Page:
What are the differences between these two radicals? What is etymology? Both represent same character or different?
⻖yì mound, abundant R170 ⻏ fú city R163
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左阜右邑 (lit. left fu right yi) is a useful mnemonic to remind learners of Chinese that they are different radicals despite graphical similarity.
Usually (but not always, see 5.)
邑 (the 'ear') are the semantic component of the compound.
An example of
阜 (mound; mountain) as the semantic component: the character
陳/陣 originally means 'an array' (of soldiers in the battlefield).
邑 (district; city) as the semantic component:
邯鄲 (Handan city, see the idiom
鄭 (the Zheng state during the Zhou dynasty),
But this is NOT always true. In
鄭, for instance, there is no connection between its original meaning (a state) and its modern meanings (e.g.
鄭重 'solemn'). There may have been phonetic loan, which abolishes the semantic relevance of
邑. The same goes for
邪 (evil) – we only know based on character composition that its original meaning could have well been the name of a place (hypothesised to be 琅邪), but that place should in no ways be connected with evilness.
I highly advise against understanding Chinese characters in terms of radicals. The word radical (部首) is a specialised term that is only relevant to Chinese Character dictionaries, which organise Chinese characters under section (部) headers (首).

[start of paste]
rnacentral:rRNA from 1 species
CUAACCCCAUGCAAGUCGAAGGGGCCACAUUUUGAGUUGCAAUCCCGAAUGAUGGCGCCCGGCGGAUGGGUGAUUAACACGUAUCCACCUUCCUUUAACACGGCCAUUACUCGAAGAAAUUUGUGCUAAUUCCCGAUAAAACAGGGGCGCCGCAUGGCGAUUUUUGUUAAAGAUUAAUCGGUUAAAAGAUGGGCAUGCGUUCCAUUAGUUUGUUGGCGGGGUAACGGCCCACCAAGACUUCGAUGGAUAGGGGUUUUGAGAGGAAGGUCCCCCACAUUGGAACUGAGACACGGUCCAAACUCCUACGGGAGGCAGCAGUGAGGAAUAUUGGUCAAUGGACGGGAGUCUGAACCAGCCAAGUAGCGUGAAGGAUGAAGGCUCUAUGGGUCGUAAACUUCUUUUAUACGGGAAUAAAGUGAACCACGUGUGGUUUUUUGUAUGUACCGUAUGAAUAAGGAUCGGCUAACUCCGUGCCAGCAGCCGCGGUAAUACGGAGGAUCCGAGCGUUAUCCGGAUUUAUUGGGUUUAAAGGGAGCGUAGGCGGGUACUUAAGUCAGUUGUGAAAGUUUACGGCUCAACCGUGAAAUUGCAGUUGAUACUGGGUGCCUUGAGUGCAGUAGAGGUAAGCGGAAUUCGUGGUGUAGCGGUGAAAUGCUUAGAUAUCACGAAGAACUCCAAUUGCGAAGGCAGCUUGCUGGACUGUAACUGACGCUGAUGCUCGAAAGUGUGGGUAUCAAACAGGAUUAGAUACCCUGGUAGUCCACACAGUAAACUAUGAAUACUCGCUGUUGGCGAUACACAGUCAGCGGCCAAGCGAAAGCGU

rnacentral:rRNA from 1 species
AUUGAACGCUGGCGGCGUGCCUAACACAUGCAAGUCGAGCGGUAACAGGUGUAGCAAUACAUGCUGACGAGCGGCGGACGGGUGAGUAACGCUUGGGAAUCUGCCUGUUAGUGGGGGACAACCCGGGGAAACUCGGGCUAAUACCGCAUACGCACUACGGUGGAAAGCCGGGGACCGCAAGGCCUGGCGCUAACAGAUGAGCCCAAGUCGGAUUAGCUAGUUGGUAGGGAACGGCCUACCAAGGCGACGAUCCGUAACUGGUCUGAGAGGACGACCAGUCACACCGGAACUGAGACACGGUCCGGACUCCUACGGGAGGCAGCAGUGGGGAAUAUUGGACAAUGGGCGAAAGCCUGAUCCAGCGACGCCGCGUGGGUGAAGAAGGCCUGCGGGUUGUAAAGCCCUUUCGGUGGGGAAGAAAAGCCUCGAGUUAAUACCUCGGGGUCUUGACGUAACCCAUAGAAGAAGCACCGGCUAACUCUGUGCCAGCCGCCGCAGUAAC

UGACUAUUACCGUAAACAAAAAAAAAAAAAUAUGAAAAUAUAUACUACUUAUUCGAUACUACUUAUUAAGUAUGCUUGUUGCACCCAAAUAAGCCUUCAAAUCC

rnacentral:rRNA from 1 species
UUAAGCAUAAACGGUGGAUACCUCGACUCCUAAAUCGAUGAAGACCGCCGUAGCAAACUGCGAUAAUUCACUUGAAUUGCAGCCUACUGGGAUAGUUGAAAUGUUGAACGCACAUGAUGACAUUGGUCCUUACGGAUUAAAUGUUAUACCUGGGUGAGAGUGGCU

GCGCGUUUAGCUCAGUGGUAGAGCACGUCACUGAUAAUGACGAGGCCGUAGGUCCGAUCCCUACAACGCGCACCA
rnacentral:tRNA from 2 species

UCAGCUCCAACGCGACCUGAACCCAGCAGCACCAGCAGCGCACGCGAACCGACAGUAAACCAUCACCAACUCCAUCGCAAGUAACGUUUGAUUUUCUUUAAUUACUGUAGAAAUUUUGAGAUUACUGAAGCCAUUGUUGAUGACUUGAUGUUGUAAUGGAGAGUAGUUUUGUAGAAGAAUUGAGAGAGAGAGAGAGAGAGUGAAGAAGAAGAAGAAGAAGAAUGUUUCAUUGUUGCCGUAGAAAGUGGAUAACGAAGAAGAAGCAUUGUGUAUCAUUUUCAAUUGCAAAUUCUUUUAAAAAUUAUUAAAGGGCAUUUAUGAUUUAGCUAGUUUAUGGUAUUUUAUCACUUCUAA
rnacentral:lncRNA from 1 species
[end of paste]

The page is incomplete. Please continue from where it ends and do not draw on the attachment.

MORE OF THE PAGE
Chinese characters are actually just references to morphemes, and each Chinese character can simply be thought of as being made up from one or more morpheme hints.
You may find the following two Q/A threads helpful:
The two completely different characters which now commonly both look like 「阝」 when found in other characters are 「邑」 and 「阜」. As part of other characters, their shapes can be traced to 「阝」 like in the following table:
|金 | 楷
|春秋||金 | 楷
|金 | 楷
|楚・簡 | 楷
Notice how both 「邑」 and 「阜」 occurred on either the left or right side of a character;* the modern convention of interpreting 「阝」 on the left as 「阜」 and on the right as 「邑」 is only a convenient disambiguation mnemonic after both shapes have merged into the shape of 「阝」 as part of other characters; there was no such rule in earlier forms of characters.
Individually, of course, they still exist as distinct shapes, as demonstrated in the table below.
「阜」 originally depicted something like a row of rocks 「石」, and is commonly used to denote characters to do with hills/mountains and rows/arrays. For example,
*「邑」 can even occur on the bottom of a character; see e.g. the glyph evolution table of 「巷」. † City walls is now written as 「城」 (Baxter-Sagart OC: /*[d]eŋ/). The meaning fourth heavenly stem (/*tˤeŋ/) is a phonetic loan.
阜/ 阝 (Radical 170) - meaning: "mound" or "dam" - pinyin: /fu4/
邑/ 阝 (Radical 163) - meaning: "city" - pinyin: /yi4/
阝 is a character used in Kangxi writing which serves as the combining form of two distinct radicals, distinguished by whether it is on the left or right of a character. It is the combining form of Radical 170 (阜) when used on the left of a character, as in 阪, and of Radical 163 (邑) when used on the right of a character, as in 部.
The two radicals 阜(170) and 邑(163) are simplified into the same form 阝(170; 163). The only difference is whether it is on the left or right of a character.
When 阝 is on the left of a character (e.g. 阪, 陳, 陣) it is Radical 170
When 阝 is on the right of a character (e.g. 部, 邵, 郡) it is Radical 163